Snow! What a tremendous blessing the recent snow storms have been for the Absaroka and Beartooth mountains this past week. Despite the frigid temperatures when digging out driveways and parking lots, the fact the mountains gained 12%, or more, of much needed moisture made the inconvenience of shoveling out with frostbitten fingers, toes and faces worth the suffering. Let’s hope further storms hit the high country in the next two months.

As the days get longer and the sun shines higher and brighter with the coming of spring in five more weeks, many an angler’s thoughts turn to the early hatches of spring and the many days of fishing through summer and fall that lie ahead. We will get more snow and ice of course. The adage, “Hope springs eternal in the dark of winter,” is true. That’s especially after temps below freezing in the double digits have kept many feeding the fire and remaining cabin-bound.

That’s why fishing in the spring is such a pleasure. Not only can one romp through the outdoors without having to skinny ski or snowshoe to get wherever is most enticing as spring progressively warms up, one can also fish favorite tailwaters and freestone rivers and creeks, without much fear of frostbite. Correction: Some of the time, one can do these things during a Wyoming spring.

For all of you newcomers wondering when spring ends in the Cody area, I hate to be the one to break the news, but it usually ends around June 15 when we go straight to summer! Fortunately, there will be some very nice days between the cold spells to keep spirits bright.

Spring means great hatches of midges, tiny blue-winged olive mayflies and winter stoneflies. These hatches provide anglers who flyfish the chance to wade the margins of rivers, streams and lakes, or float the world-renowned tailwaters and the freestone rivers in Wyoming. We can enjoy the chance to fish dries, nymphs or streamers during a day, while obtaining Vitamin D and much needed exercise in the process.

Tailwaters are good bets when thinking spring fishing. Water temperatures are consistent most of the time, thanks to the dam upstream. Tailwaters are usually very fertile because they collect nitrogen, minerals and organic matter, which are then distributed downstream, feeding the bottom invertebrates and the trout fishery. This fertility and constant water temperature has trout feeding on something most of the time.

Tailwaters in Wyoming are noted for the abundance of aquatic invertebrates that inhabit them. Besides the insects mentioned in the hatches, other bottom dwellers such as scuds, sowbugs, cranefly larvae, mayfly and stonefly nymphs, as well as the larvae of midges and caddis are readily available. Aquatic worms and leeches round out the banquet table.

Imitations of these insects are simple and can easily be organized into two medium-sized fly boxes. Should you not know what flies are needed, or how to use them, let me share what I keep in my fly boxes for everyday consistency when fishing a tailwater.

My nymph, or wet fly box, contains San Juan Worm (orange, chamois, red, wine), Zebra midge (beaded and non-beaded, black, red, purple), scuds (olive, pink, orange), sowbug (gray, olive, tan, purple), woolly bugger (weighted and non, black, olive, purple, brown), pheasant tail (beaded and non), and North Fork Special (black, tan), hare’s ear (natural, olive, black). Midge sizes are generally 16-24, woolly buggers 4-12, and the rest of the attractor nymphs in my collection are size 8-22.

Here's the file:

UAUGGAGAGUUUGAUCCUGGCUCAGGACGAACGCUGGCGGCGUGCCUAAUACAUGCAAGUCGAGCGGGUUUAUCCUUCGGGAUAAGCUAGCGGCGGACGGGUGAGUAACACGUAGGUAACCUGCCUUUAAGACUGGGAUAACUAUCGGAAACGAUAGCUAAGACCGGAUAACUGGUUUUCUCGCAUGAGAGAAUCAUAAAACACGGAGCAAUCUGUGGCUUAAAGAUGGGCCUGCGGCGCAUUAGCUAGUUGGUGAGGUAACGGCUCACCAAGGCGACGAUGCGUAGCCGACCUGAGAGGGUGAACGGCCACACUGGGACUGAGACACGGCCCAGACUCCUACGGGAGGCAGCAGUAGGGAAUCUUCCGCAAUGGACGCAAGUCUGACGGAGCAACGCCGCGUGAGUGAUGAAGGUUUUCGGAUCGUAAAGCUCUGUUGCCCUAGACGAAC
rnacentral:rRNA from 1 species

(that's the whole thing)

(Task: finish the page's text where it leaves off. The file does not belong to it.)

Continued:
Nymphs should be fished dead drift under an indicator or behind a dry fly and set at a certain depth: 15 inches to 4 feet is fine in most nymphing situations. Presentation is made upstream into the current, giving the nymph time to sink quickly and get in the trout zone.

Trout can be lazy feeders in tailwaters. They don’t have to move to eat. If you understand there is ample food drifting by nonstop, then you understand the trout can lazily munch what attracts their attention and not expend many calories while eating. It’s imperative, especially when using smaller wet flies, anglers get into the zone right away, giving the trout residing in the zone plenty of time to suck up your offering.

Manageable casts when nymphing should be no further than three times your rod length.

The angler has to make line adjustments (mending) with rod and line as soon as the fly enters the water. Line management is used to avoid all drag on the leader system to allow the fly to retain the intended drift path through the zone. When the indicator or dry fly stops, spins or dips on its drift, set the hook. It’s a fish.

My dry fly box is comprised of dry and not-so-dry emerger and cripple patterns: Parachute Adams (gray, olive, hare’s ear, black, purple), snowshoe sparkle dun (black, rust, cream, olive, purple), sparkle dun (olive, gray, black, rust, purple, cream), Freaking midge, (red, black, olive, purple), Tim’s bow-tie midge (black), Griffith’s gnat and elk hair caddis (black, olive, brown), sizes 16-24. When late March or early April arrives, I add March brown mayfly dries, emergers and nymphs along with Skwalla stonefly adults and nymphs, size 10-14 for the latter two fly patterns.

Spring dry fly fishing comes in spurts and seems to occur on those blustery, cloudy days when winter refuses to yield to spring. However, the hatches can be unbelievable in numbers on the water and in the air. Trout are glutinous. Big trout will muscle smaller trout out of the way to gulp helpless pods of blue-winged olives or midges trying to emerge in the surface.

Fishing is unbelievable. This is why we endure December through March, to have not just one, but lots of “lost count” days to catch during these spring hatch episodes is a blessing.

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